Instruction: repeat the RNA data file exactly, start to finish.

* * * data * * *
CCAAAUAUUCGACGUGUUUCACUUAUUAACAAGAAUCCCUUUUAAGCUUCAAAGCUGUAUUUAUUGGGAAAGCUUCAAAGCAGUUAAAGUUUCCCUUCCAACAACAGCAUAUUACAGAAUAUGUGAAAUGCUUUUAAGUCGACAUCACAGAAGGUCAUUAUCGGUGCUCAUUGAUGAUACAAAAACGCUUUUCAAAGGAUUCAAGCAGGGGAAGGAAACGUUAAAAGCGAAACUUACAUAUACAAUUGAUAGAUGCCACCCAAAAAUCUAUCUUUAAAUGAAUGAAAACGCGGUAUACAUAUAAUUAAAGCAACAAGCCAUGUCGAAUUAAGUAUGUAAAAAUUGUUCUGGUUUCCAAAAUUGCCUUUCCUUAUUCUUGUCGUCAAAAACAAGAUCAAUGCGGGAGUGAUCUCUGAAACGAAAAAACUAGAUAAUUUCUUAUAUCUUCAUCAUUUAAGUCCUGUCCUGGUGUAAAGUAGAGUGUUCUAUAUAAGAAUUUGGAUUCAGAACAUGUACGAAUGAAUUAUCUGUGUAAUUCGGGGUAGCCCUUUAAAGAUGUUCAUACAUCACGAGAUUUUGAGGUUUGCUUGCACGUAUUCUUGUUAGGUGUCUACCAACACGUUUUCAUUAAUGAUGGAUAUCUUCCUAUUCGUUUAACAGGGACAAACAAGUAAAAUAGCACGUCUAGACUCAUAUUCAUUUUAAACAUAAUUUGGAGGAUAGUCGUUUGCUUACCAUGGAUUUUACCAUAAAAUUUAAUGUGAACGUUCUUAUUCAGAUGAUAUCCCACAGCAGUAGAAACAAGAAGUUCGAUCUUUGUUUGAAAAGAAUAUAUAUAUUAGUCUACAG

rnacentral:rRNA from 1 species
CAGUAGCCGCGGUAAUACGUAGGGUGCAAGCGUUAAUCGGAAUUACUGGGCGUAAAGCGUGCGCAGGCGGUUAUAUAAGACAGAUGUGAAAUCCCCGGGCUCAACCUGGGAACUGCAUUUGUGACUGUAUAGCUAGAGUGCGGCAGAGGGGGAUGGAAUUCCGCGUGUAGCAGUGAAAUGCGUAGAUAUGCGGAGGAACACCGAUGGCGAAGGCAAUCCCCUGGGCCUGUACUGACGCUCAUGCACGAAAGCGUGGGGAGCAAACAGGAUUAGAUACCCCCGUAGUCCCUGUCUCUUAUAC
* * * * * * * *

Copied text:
CCAAAUAUUCGACGUGUUUCACUUAUUAACAAGAAUCCCUUUUAAGCUUCAAAGCUGUAUUUAUUGGGAAAGCUUCAAAGCAGUUAAAGUUUCCCUUCCAACAACAGCAUAUUACAGAAUAUGUGAAAUGCUUUUAAGUCGACAUCACAGAAGGUCAUUAUCGGUGCUCAUUGAUGAUACAAAAACGCUUUUCAAAGGAUUCAAGCAGGGGAAGGAAACGUUAAAAGCGAAACUUACAUAUACAAUUGAUAGAUGCCACCCAAAAAUCUAUCUUUAAAUGAAUGAAAACGCGGUAUACAUAUAAUUAAAGCAACAAGCCAUGUCGAAUUAAGUAUGUAAAAAUUGUUCUGGUUUCCAAAAUUGCCUUUCCUUAUUCUUGUCGUCAAAAACAAGAUCAAUGCGGGAGUGAUCUCUGAAACGAAAAAACUAGAUAAUUUCUUAUAUCUUCAUCAUUUAAGUCCUGUCCUGGUGUAAAGUAGAGUGUUCUAUAUAAGAAUUUGGAUUCAGAACAUGUACGAAUGAAUUAUCUGUGUAAUUCGGGGUAGCCCUUUAAAGAUGUUCAUACAUCACGAGAUUUUGAGGUUUGCUUGCACGUAUUCUUGUUAGGUGUCUACCAACACGUUUUCAUUAAUGAUGGAUAUCUUCCUAUUCGUUUAACAGGGACAAACAAGUAAAAUAGCACGUCUAGACUCAUAUUCAUUUUAAACAUAAUUUGGAGGAUAGUCGUUUGCUUACCAUGGAUUUUACCAUAAAAUUUAAUGUGAACGUUCUUAUUCAGAUGAUAUCCCACAGCAGUAGAAACAAGAAGUUCGAUCUUUGUUUGAAAAGAAUAUAUAUAUUAGUCUACAG

rnacentral:rRNA from 1 species
CAGUAGCCGCGGUAAUACGUAGGGUGCAAGCGUUAAUCGGAAUUACUGGGCGUAAAGCGUGCGCAGGCGGUUAUAUAAGACAGAUGUGAAAUCCCCGGGCUCAACCUGGGAACUGCAUUUGUGACUGUAUAGCUAGAGUGCGGCAGAGGGGGAUGGAAUUCCGCGUGUAGCAGUGAAAUGCGUAGAUAUGCGGAGGAACACCGAUGGCGAAGGCAAUCCCCUGGGCCUGUACUGACGCUCAUGCACGAAAGCGUGGGGAGCAAACAGGAUUAGAUACCCCCGUAGUCCCUGUCUCUUAUAC